HSBC facing US fines of $1bn over lax control of accounts
HSBC WILL apologise to US politicians next week for failing to have appropriate controls in place to ensure it did not facilitate the financing of terrorism and other criminal activities, transgressions that analysts estimate may cost it up to $1 billion in fines.
In an internal memo to staff ahead of the British bank’s scheduled appearance in front of the US senate’s investigative panel on July 17th, chief executive Stuart Gulliver wrote: “Between 2004 and 2010, our anti-money-laundering controls should have been stronger and more effective, and we failed to spot and deal with unacceptable behaviour.”
He said it was “right that we be held accountable and that we take responsibility for fixing what went wrong”.
His comments came a week after Bob Diamond was forced to resign as chief executive of Barclays after the bank was hit with a record fine for rigging borrowing rates. Both Mr Diamond and Marcus Agius, the outgoing chairman, have apologised for the behaviour of those involved.
Mr Gulliver warned that HSBC was likely to face further enforcement action from other US authorities over the coming months. HSBC said in its 2011 annual report that fines over money-laundering issues could be “significant”.
There has been speculation among analysts that the bank could be hit with a higher charge than the $619 million which ING, the Dutch bank, agreed to pay to settle accusations that it violated US sanctions by helping Iranian and Cuban companies move billions of dollars through the US financial system.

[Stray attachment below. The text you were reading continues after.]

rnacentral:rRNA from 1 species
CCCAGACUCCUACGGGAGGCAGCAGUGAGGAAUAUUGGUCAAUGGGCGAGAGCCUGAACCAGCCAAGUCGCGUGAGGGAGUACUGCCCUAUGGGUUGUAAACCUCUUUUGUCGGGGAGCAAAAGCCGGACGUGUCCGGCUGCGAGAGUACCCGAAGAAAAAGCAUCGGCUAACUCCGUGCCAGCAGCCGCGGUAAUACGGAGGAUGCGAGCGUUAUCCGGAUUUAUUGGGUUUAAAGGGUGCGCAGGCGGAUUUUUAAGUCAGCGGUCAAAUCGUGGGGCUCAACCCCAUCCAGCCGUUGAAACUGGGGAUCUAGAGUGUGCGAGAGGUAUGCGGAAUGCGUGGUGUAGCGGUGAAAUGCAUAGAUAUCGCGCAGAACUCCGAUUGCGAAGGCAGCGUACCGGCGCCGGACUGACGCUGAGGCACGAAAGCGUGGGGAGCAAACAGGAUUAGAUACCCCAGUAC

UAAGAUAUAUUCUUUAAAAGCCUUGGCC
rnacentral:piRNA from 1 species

Some have suggested it could be as much as $1 billion.
The hearing next week – likely to be attended by Irene Dorner, chief executive of HSBC’s North American business, and at least one other senior executive – comes after the bank was ordered to overhaul its internal controls in the US.
In 2010, an investigation by the Federal Reserve and the office of the comptroller of the currency found there was “a significant potential for unreported money-laundering or terrorist financing”.
HSBC is expected to provide details of the changes it has made to strengthen its compliance and risk-management controls.
Mr Gulliver told staff in the memo that the bank had doubled the amount it was spending on compliance to $400 million and restructured its global operations.
The HSBC has suffered a particularly tumultuous period in the US following its rapid expansion there in the years leading up to the financial crisis. – (Copyright The Financial Times Limited 2012)